Down 38%: Bitcoin Stumbles Amid Regulatory Uncertainties In China

The price of bitcoin has fallen 38% since the beginning of this month as Chinese authorities are tightening their grip on cryptocurrencies.

Today, ViaBTC became the second cryptocurrency exchange to announce that it will cease trading on September 30, requesting users to start withdrawing their funds. This followed a similar announcement made yesterday by BTCChina, one of the biggest exchanges in China. BitKan, a leading cryptocurrency trading app, effectively suspended over-the-counter trading on its app on Tuesday.

All cited the recent notice from the People’s Bank of China that banned fundraising through initial coin offerings (ICOs), or token sales.

BTCChina suspends bitcoin trading

Earlier this month, the Chinese central bank prohibited the controversial fundraising method, urging the termination of current campaigns and imposing companies that raised funds through ICOs to refund investors. Chinese regulators said they were investigating 60 major ICO platforms.

But for Jason English, VP of Protocol Marketing at Sweetbridge, a global alliance that aims to use blockchain to create a liquid supply chain, the recent news from China might hint at regulations coming soon rather than an overall crackdown on cryptocurrencies.

“It is hard to believe that China intends to exit a market with so much potential upside. Even the apparent ban on ICOs seemed to be more of a stopgap in order to get some policies in place,” English said. “If anything, this example shows the volatility of the space and that some market-makers can likely take advantage of an unclear news cycle to create a sell-off and buy back opportunity.

“China is practically building a cottage industry for mining and exchanging bitcoin and other cryptocurrencies,” he noted.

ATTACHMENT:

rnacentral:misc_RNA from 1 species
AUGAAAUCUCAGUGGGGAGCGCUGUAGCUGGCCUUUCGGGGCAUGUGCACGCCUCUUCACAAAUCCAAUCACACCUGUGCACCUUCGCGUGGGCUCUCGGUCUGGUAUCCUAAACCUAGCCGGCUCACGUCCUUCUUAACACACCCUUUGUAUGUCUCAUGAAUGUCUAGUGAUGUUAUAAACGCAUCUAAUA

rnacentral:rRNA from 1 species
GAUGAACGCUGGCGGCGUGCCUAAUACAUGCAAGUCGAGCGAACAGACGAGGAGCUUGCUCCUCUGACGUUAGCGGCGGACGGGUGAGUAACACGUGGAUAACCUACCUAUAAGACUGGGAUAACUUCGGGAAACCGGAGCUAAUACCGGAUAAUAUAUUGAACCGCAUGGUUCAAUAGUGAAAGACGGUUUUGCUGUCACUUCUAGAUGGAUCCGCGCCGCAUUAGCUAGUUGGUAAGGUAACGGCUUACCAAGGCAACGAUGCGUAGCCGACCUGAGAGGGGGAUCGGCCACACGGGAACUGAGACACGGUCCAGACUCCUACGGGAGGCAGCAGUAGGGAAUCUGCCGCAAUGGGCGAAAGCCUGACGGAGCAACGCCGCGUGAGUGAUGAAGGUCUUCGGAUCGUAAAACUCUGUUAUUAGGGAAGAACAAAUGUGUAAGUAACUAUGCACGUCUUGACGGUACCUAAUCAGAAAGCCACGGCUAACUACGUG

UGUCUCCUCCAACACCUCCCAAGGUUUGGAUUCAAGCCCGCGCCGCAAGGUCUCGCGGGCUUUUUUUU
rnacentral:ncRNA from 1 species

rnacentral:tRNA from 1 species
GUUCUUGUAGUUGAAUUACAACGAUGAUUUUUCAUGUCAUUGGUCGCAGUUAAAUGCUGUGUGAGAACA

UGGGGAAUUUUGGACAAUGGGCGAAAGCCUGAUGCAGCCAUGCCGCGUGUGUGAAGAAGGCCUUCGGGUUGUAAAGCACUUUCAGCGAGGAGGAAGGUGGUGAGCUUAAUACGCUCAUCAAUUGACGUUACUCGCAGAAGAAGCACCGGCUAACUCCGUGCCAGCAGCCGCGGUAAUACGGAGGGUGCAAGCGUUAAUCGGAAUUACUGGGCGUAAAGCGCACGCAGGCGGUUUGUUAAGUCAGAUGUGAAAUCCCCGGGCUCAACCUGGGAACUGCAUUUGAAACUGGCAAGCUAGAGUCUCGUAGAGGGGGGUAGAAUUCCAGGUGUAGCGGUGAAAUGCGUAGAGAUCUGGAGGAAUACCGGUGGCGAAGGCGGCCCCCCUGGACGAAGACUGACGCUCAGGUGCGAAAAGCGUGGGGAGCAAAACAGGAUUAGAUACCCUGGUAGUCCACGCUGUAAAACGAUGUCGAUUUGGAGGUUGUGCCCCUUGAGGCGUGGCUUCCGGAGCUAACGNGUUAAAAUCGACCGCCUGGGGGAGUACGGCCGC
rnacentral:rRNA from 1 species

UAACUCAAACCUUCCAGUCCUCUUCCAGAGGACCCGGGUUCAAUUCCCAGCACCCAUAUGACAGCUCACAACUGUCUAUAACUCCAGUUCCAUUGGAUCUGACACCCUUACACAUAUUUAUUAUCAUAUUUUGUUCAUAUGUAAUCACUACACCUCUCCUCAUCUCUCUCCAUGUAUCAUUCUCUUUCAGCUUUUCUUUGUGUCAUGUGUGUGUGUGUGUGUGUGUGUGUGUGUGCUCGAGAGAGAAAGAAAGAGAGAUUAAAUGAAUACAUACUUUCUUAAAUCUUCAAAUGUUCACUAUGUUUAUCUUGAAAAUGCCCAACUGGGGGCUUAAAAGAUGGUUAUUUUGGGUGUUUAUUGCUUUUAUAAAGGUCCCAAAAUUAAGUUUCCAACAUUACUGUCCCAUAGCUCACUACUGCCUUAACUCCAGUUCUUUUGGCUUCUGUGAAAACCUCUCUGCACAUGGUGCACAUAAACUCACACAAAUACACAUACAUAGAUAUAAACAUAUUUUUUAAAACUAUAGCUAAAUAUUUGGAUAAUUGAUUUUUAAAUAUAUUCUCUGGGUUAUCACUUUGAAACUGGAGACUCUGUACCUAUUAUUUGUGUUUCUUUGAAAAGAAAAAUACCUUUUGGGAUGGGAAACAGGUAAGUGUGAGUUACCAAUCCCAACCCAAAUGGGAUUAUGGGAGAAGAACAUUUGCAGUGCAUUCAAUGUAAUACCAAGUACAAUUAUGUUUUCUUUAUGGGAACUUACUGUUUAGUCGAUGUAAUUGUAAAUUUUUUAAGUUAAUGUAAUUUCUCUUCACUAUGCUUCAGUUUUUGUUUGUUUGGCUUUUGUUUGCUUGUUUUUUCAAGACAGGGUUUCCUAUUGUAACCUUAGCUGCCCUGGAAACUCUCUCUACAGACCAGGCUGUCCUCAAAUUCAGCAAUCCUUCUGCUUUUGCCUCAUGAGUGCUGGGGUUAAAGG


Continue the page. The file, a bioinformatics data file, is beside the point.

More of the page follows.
Tough month for bitcoin and cryptocurrencies in general as a wave of negative news has weighed heavily on the whole market, wiping over US$65 billion in value from the peak of September at nearly US$180 billion.

Total Market Capitalization Cryptocurrency

This week at a Delivering Alpha conference, JPMorgan Chase CEO Jamie Dimon called the digital currency “a fraud” and said he would fire any employee trading bitcoin for being “stupid.”

“It’s worse than tulip bulbs. It won’t end well. Someone is going to get killed,” Dimon said at a banking industry conference organized by Barclays. “Currencies have legal support. It will blow up.”

In the wake of his remarks, the bitcoin price fell by about 2%.

“Bitcoin may be a bubble and it may be replaced in the future by other cryptocurrencies,” said Scott Nelson, CEO and Chairman of Sweetbridge. “But comments like Jamie’s show a failure to grasp the significance of the blockchain and the power of brand in a fundamental sea of change.”

In response to Jamie Dimon’s comments, Yoni Assia, Co-founder and CEO of eToro, said:

“Blockchain might be the big disruptive idea, but Bitcoin itself is a disruptive threat to the big banks. Bitcoin has a different utility from government and bank issued fiat currency. Its popularity amongst investors over the last year is directly linked to increasing understanding of this real-world utility.”

“Blockchain technology and cryptocurrencies have the potential to sweep away all of today’s incumbent financial institutions. We shouldn’t be surprised that this threat sparks extreme reactions from the industry’s top insiders,” Assia added.

The price of bitcoin dropped below US$3,300 on Thursday. The digital currency is now trading at US$3,050, a 27% drop since the beginning of the week.

Bitcoin price September 2017

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